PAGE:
If you find your enjoyable jog to Beyoncé's Run The World suddenly interrupted by a man demanding your attention, here is some advice.
He will have approached you in a "confident and self-assured way", having read this blog post revealing step-by-step tips to approaching a woman who is wearing headphones, and getting her to go on a date with you.
Notice that he is standing between 1 to 1.5 meters in front of you. An unnervingly precise distance. This is not too bad - after all, we all like personal space. Try to test his commitment by stepping forward and seeing if he moves backwards, like a well-choreographed yet utterly unwanted shadow.
He suspects you are single, and perhaps hoping to meet a boyfriend. This may well be the case, but you don't tend to look for one whilst simultaneously blasting music into both of your ears.
You'll also notice his relaxed, easy-going smile. That's nice, though continuing your run would have been nicer.
Now, he's pointing to your headphones, saying, "Take off your headphones for a minute" (not that you can hear because, as stated before, you've got headphones in your ears).
He really doesn't need to start miming the action of taking headphones off his head, but he does. You get it - you got it a while ago when he stopped you in the street - you just don't want to take them off. Those headphones are the last remaining buffer between your inner happy place of running and music, and the outside world where people inexplicably mistake headphones, the universal symbol for "DO NOT TALK TO ME" for an invitation to talk to you.
I'm afraid that he's read your hesitation to take them off as "nervousness and excitement about what is happening". Yup, this really is a communication malfunction.
You realise this is a man possessed of the irritating belief that if he approaches a woman and asks her to take off her headphones because he has something to say to her, "she usually will". So as a polite human, you take them off.
Unless he's got a voice better than Beyoncé's, I'm pretty sure you're in for disappointment.
He will now try to do something the blog told him is called "Acknowledging the Awkwardness". Fair enough, this is awkward, you want to get running again. Who is this perceptive lothario?
Turns out his name is Dan. He calls you "Jessica". Gently explain to him that this is not your name.
Now comes that important thing he had to interrupt your day to say. He tells you he thought "Wow, she's a cutie," when he saw you. When you've stopped cringing, explain that the word "cutie" would work really well if you were a baby/kitten/cupcake, but as a woman, it ranks up there with "sweetie pie" and "babe" as language that definitely does not make the loins explode.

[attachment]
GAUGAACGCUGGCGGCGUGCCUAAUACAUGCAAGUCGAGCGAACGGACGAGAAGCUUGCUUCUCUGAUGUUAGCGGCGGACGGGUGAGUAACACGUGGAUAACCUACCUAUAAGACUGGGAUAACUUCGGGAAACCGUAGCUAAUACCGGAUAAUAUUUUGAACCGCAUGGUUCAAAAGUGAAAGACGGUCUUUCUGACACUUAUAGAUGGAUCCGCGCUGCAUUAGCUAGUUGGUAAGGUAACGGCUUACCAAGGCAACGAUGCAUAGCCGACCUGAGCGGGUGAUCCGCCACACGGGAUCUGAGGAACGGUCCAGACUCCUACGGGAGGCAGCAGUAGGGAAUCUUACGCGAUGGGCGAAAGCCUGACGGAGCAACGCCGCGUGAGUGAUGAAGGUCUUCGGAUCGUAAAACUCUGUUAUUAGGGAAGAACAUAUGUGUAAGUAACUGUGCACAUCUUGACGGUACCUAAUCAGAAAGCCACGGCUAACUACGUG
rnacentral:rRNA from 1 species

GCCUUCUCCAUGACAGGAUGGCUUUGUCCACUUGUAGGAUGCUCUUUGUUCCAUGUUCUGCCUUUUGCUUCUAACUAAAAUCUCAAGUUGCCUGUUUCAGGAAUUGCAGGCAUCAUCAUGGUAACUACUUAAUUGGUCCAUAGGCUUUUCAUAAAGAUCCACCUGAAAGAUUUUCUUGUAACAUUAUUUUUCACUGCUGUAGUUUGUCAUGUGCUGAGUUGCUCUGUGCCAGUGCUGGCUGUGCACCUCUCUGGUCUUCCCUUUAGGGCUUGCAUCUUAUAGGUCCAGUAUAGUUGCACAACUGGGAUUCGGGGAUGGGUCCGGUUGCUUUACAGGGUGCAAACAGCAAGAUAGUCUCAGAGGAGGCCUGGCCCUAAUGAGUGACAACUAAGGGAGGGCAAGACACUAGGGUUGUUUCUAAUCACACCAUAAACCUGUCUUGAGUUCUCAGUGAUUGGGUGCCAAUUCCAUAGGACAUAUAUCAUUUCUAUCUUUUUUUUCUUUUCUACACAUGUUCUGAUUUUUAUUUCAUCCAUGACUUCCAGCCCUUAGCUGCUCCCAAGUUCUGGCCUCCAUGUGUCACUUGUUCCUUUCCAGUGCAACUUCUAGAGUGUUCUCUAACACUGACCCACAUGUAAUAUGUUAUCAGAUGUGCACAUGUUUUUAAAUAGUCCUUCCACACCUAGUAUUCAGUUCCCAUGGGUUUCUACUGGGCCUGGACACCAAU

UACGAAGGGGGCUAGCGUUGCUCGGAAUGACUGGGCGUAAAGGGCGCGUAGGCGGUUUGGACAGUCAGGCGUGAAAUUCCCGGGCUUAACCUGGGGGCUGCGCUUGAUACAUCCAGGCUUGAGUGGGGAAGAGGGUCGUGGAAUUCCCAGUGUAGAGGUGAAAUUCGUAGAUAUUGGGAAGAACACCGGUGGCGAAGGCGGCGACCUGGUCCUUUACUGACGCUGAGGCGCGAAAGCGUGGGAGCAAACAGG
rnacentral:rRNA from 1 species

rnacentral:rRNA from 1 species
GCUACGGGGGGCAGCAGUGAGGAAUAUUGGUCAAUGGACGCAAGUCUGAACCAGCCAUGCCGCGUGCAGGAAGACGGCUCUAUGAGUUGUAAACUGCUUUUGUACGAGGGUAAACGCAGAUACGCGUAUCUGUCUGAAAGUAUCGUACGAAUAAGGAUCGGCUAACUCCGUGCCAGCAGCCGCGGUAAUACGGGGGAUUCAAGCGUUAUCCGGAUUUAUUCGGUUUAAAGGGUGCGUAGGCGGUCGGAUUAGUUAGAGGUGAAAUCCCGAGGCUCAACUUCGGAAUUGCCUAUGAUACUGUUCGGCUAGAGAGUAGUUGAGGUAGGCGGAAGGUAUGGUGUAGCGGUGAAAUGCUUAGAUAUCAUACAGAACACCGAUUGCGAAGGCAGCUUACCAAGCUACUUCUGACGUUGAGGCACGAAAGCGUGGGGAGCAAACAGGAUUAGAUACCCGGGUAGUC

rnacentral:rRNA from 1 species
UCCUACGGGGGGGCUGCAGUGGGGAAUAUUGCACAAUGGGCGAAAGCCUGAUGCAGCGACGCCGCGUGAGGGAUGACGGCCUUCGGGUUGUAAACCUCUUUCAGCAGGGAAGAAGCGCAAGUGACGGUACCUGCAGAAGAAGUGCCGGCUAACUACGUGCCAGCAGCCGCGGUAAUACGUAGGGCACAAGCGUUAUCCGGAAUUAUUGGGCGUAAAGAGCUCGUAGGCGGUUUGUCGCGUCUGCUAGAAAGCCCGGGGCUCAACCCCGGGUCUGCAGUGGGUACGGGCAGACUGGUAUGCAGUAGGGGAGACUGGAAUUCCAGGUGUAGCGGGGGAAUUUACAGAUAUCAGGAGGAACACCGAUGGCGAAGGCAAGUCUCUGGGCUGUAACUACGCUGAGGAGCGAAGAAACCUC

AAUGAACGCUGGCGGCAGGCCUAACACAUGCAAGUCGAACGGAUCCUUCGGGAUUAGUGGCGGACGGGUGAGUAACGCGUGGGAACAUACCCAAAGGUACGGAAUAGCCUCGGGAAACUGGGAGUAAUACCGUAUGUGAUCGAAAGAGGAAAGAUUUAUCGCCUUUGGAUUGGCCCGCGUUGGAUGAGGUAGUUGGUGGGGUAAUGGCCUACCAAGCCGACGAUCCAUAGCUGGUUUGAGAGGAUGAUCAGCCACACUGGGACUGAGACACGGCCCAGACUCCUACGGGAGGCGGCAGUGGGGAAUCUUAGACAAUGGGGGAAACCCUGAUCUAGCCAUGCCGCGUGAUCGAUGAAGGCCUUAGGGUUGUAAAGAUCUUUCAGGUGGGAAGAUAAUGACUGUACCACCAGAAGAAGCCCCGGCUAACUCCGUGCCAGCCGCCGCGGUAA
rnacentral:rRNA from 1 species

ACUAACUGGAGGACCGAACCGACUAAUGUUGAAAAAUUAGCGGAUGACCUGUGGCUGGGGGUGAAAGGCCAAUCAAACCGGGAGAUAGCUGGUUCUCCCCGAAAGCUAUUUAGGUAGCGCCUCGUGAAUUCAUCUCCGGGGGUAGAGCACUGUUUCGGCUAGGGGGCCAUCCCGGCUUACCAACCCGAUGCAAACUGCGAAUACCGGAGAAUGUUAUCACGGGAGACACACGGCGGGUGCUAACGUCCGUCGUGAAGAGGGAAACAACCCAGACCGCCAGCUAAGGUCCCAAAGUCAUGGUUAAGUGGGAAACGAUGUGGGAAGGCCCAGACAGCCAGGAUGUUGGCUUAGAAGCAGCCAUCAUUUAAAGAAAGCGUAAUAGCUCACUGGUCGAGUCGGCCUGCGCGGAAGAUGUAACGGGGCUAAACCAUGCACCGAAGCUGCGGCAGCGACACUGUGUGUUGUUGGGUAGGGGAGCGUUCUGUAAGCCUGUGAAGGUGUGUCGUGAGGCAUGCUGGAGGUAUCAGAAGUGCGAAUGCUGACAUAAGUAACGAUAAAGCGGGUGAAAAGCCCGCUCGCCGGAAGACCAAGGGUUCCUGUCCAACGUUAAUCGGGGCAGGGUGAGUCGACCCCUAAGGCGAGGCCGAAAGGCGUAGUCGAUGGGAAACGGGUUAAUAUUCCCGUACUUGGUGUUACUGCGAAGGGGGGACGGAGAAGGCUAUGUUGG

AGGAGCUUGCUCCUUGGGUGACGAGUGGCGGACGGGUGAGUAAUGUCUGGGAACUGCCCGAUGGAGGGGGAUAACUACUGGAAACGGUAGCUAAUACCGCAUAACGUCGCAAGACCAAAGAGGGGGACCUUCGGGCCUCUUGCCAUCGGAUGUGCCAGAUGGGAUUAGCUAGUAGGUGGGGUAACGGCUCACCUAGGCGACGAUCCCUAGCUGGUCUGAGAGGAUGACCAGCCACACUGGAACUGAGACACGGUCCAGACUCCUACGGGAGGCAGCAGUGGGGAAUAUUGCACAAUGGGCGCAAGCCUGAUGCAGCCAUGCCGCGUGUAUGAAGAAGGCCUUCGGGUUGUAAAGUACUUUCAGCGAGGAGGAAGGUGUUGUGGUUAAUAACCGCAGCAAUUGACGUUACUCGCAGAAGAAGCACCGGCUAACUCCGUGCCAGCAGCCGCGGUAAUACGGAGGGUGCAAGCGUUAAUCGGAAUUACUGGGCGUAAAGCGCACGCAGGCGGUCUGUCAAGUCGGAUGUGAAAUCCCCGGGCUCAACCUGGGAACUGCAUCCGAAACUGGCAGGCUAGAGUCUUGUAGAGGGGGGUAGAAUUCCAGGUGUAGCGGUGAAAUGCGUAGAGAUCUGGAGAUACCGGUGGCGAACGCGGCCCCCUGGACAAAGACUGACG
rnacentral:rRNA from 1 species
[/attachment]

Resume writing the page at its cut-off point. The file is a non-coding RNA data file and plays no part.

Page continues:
He tells you that "your big green headphones were just calling out to me". Overlook this. Dealing with a stranger's fetish for electronic equipment is really not what you signed up for today.
He'll also tell you he's "just out doing a bit of shopping at the moment," which is either a lie or shows he's very ineffective at shopping.
"I'm on my way to a store up the street," he says, once again contradicting the obvious facts of what is happening. Pray that he realises this and goes to that store soon.
He'll then ask if you have some free time - perhaps to have a chat or give him your phone number. You did have free time, you were using it to run and listen to some music. (And does he even have free time? What about that shopping?)
Explain that no, you won't give him your number, you don't have a pen. He's got one. Say that actually, you were just being polite, you can't think of anyone you'd rather see again less than the person who just interrupted your leisure time to call you a baby/kitten/cupcake.
But if you are feeling kind, you could take him for a juice or a coffee and give him some advice (why the hell not, he's basically ruined your run anyway).
Suggest that while it's great to approach people at, say, a bar or a party, it's best not to target women who are actively, obviously doing something else. If you have to make someone extract something from their ear just to say 'Hi', they probably weren't that up for it in the first place.
Explain that, unless someone is so devastatingly physically attractive that you have to stop them at all costs and explain that they should be your future wife (which will almost certainly guarantee you a creeped-out response), you're basically a man disturbing a woman who is busy.
Say that while yes, some women like to be chased and approached, perhaps sometimes the reason that women don't approach men is that they actually have other things to do with their time. Maybe they even put the headphones on to discourage people from talking to them, in the vain hope that this signal might be received.
Suggest that he returns to that blog post about approaching women who are wearing headphones, and memorises the one useful line in the entire thing: "Headphones are a great barrier between a person and the rest of the world."
Please, let them stay that way.